While you might not be able to control certain instructions, there are things that you do have control of. When you sit down to write there are a few things you can do to minimise distractions. Turn off your phone (or if that’s too painful for you, put it on silent and leave it on the other side of your room – you don’t need it while you’re writing). Either turn off you internet (all laptops have a built in ‘flight mode’ feature that will make it inaccessible) or use an internet blocking program, software like Freedom and Cold Turkey can block you from the internet for a limited time period – and there’s no way to get around them besides waiting for the time to pass. If you still want to keep the internet for certain tasks these can be useful, these programs can specifically block certain websites rather than the entire internet.

You can also try programs like Dark Room (or WriteRoom for Mac), that darken the rest of your computer leaving you solely with a simple text based program. OmmWriter is very similar but as well as only providing a simple text editor, it also creates a ‘mood’ complete with a simple non-distracting background and subtle background noises that can be adjusted to your preferences.

Set a timer.

With everything going on this Christmas, there are Christmas films and books that you might want to devote your time to. Family comes first, and we’re all trying to plan the best presents for a book lover friends. So among all that, how do we find the time to write? Well you don’t have to find an hour to sit at a computer and write, even 15-20 minutes is more than enough. Set a timer on your phone or, if that’s turned off, on your computer (there is an app called ‘Timer’ available for free in Microsoft Store that will flag up in the corner of your screen when your time is up). Set it for 15 minutes and do a solitary writing sprint, where for that time period you think of nothing else. Just sit there and write. If you get 15 minutes of writing done every day, you’ll be surprised by how much that add up to. Whenever you get a spare moment, do a 15 minute (or even 10 minute) timed sprint. Between all that’s going on, who knows, you could get 1000 words written a day.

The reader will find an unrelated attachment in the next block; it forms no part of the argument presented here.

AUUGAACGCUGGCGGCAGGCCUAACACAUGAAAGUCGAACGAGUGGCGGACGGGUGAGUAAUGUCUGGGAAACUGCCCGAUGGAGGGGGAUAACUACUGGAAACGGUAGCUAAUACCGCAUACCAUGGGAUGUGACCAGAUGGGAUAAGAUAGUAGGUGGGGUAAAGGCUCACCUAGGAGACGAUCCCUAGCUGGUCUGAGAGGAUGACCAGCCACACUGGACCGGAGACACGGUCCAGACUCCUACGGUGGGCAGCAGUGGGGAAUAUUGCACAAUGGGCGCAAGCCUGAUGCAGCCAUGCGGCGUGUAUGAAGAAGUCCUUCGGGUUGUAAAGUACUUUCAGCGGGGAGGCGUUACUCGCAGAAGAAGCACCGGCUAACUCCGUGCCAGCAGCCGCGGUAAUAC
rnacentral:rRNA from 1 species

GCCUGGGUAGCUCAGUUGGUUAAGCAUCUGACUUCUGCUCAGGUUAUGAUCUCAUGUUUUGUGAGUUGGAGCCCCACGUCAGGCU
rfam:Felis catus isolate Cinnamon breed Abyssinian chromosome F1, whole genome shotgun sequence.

But don’t dedicate your entire holidays to writing, you may have the time off but this is a time for friends and family.

Enjoy your time with them, put 100% of your focus and concentration into enjoying the moment. If you spend the time stressing over your story, life might just pass you by. You need to take a break and it might be just as important to use the holidays as a break from your novel, just as much as it’s needed as a break from school or work. If you’ve finished your first draft (like those who took part in NaNoWriMo) taking a break over this period might be just what you need before moving on to redrafting. When the new year rolls round, that’s when it’s time to start on your new draft. While these life experiences can bring life into your own story, more importantly they are what makes life worth living, so spend the time with your family and Merry Christmas to you all.

Elizabeth & Nadia

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2 thoughts on “How to Write With Distractions

  1. Great post!
    For me one of the most useful things is an app called forest. What it basically does is keep your from using your phone for a set amount of time. It has an alarm that I use and little trees that work as a reward system.

    Liked by 2 people